The festival's concern with showcasing the diversity of documentary form was most obvious at the more experimental end. Berlin-Cinema: Titre Provisoire, by Samira Gloor Fadel, is a feature-length visual poem at sidewalk-crack level in Berlin, accompanied by a grab-bag of comments on cinema by Wim Wenders and with occasional voiceover comment by Jean-Luc Godard. The film polarized viewers, exasperating some and stimulating others. Like many other documentaries in the festival, it mixed black-and-white and color stock.

Chantal Akerman's 70-minute Sud, a video-exploration of the American South through a visit to the town where James Byrd Jr. died at the hands of white racists, was eagerly anticipated and widely disliked. Juan, I Forgot I Don't Remember, made by the son of legendary Mexican author Juan Rulfo, was a challenging, but rewarding, essay on memory and place. Rulfo returned to his father's home town, making an essay out of the scraps of remembrance, the gestures of place and the sparks of life and humor in the people who knew him, including his wife. The film makes richer connections, however, for those familiar with Rulfo's work, the camerawork of the great cinematographer Gabriel Figueroa, and the same-name film made from Rulfo's great novel Pedro Paramo.

Along with experiment, the festival showcased superior quality in more familiar documentary forms. Just Watch Me is a relentlessly close-up, talking-heads film that never loses audience attention, even for those who drift in without context. Filmmaker Catherine Annau, at 33, is a product of a massive social experiment. Canadian prime minister Pierre Trudeau, under threat of Quebec separatism, had jump-started a bilingual policy, with the federal government funding an entire generation to travel to other parts of Canada and live in another language area. Her eight subjects are part of her cohort; the film shows how their lives and dreams have changed..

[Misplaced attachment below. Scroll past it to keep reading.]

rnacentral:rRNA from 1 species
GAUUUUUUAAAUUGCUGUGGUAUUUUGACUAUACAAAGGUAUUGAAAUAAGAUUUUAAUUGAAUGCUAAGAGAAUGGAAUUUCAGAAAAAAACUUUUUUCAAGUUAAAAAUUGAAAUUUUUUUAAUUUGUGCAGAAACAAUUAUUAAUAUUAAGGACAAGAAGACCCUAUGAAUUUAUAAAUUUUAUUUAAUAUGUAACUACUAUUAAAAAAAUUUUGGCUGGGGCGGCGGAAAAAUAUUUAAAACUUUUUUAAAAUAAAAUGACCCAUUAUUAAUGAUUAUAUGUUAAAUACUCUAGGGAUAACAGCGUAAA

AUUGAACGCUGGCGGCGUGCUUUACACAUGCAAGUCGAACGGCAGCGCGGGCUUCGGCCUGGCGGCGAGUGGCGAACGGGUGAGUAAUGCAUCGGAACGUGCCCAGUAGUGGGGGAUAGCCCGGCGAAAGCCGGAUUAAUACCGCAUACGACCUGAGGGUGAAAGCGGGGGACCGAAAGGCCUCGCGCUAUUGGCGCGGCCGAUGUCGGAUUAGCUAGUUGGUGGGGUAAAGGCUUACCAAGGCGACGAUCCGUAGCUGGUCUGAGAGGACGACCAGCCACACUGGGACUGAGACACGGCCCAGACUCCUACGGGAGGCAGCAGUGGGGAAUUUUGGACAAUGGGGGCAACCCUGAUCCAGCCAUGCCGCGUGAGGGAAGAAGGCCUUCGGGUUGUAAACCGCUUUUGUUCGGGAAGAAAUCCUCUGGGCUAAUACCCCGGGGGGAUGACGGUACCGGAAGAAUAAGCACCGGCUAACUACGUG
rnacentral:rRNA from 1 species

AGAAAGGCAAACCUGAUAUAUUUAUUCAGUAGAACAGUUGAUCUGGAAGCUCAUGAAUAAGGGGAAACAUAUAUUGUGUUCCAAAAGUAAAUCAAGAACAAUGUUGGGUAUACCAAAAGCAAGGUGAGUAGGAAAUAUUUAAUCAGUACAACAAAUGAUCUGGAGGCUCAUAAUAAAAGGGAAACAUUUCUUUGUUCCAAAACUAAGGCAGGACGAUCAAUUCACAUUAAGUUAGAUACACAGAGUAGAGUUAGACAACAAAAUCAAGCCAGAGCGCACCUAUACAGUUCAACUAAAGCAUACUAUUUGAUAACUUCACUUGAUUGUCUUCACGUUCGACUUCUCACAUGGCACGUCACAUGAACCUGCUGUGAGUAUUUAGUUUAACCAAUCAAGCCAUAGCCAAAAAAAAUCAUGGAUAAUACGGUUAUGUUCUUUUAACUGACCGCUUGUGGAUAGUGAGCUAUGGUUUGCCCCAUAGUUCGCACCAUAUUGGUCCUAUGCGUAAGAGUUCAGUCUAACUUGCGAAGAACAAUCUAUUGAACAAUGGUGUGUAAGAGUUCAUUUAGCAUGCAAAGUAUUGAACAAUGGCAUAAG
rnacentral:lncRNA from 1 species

Shadow Boxers, by Katya Bankowsky, is another example of excellence within the boundaries of the form. The 72-minute film, a first-time effort, follows the rise of women's boxing (Bankowsky herself is an amateur enthusiast), and then tracks today's world champion, Lucia Rijker. Rijker heralds an effectively new sport; watching her meditate and chant before a fight certainly changes expectations.

Makers and promoters found the festival rewarding. "Toronto is really important for us because it's such a strong documentary section," says Claudia Landsberger, president of the European Union's European Film Promotion. (EU countries pool funds to cover the costs of festivalizing the films.) "And we all know Toronto is the most important North American festival."

This was Errol Morris' fourth visit to the festival, this time with Mr. Death: The Rise and Fall of Fred A. Leuchter Jr., about an engineer fascinated with execution and convinced there were no gas chambers at Auschwitz. As with other visits, the film was already sold, so the goal was visibility and buzz. "The publicity that a film gets here is extremely helpful in international sales," he said. In particular, he would like this film, given its subject matter, to show in Berlin.

Rolando Diaz, a veteran Cuban filmmaker now living in the Canary Islands, was showing a poignant, carefully crafted portrait of Cuba today, If You Only Understood. The film, funded in Spain, had already won an award in Havana at its annual international film festival, but the award had not been publicly announced, nor is the film shown there. It now has a U.S. distributor. "This festival is very important to us for the North American market, because of the publicity it can generate," Diaz says.

Along with a nonstop round of press conferences and interview options, those interested in documentary could also attend a symposium on documentary today. There, Rudy Buttingnol, a Canadian public TV executive, said,"The big threat to documentary used to be its marginalization. Now it's the popularization of the form, with shows like When Good Pets Go Bad being treated as point-of-view documentary." Not at Toronto, though, where documentary is part of the festival community, as a cinematic art.

 

Pat Aufderheide is a professor in the School of Communication at American University in Washington, DC, and a senior editor of In These Times newspaper.